By Maureen Burn
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Then I used to feed it all to my animals. But I always kept some good grain for a rainy day, when I couldn’t go out. On a dry day, if my feet were not troubling me, I used to go out with a sack and collect planta del chancho (“sow thistle”) for my pig. I was often so eager to fill my sack that I wandered far before I noticed I had lost a shoe. Then I would have to go back to find it. Foot Troubles Among the Patients T his kind of thing often happens, as most folk with leprosy have lost the sense of feeling in their feet.
C o . u k 40 branches and often had a big bundle of firewood to bring home. Many a time I would startle a big rattlesnake or a yararé acá curusú (Bothrops snake) under the fallen branches. But I just could not be afraid of them, for I was facing something much worse than a snake bite—the fear of being sent away to the leper colony. I often wondered if all the loneliness of my isolation and the sorrow of seeing my family neglected in many ways was necessary, as my tests always came back with nothing found in them.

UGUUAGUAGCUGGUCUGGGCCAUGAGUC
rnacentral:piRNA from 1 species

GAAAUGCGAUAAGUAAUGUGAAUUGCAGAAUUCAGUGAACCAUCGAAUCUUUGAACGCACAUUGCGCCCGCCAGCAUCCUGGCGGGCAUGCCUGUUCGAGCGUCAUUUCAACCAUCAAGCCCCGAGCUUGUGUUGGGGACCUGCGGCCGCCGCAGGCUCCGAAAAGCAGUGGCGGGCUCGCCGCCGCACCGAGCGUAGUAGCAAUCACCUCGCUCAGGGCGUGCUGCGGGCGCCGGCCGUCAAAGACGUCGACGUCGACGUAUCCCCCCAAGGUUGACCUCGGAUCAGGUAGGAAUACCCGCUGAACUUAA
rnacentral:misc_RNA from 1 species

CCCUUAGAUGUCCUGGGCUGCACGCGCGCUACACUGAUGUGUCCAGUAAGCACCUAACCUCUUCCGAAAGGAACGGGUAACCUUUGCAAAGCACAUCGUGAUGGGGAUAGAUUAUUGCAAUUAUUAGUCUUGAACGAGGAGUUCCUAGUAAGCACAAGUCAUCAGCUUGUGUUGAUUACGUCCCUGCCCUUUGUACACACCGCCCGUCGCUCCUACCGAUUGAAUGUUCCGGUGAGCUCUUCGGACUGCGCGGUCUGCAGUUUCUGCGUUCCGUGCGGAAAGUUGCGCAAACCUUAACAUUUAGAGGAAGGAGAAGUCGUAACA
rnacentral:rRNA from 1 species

I opened it and tried to read it but could not make head or tail of it. When Eugenio saw me with it, he said, “There is a group that reads the Bible every Sunday morning. ” So I went. The group met at the ranchito (“hut”) of a man called Apolinario. He welcomed me and told me I could come any time, and he gave me the present of a bombilla. He said I should learn to take yerba maté with it. It was a good pasatiempo (pastime), it was wholesome, and it would mix well with my thoughts about my husband and my son, and God.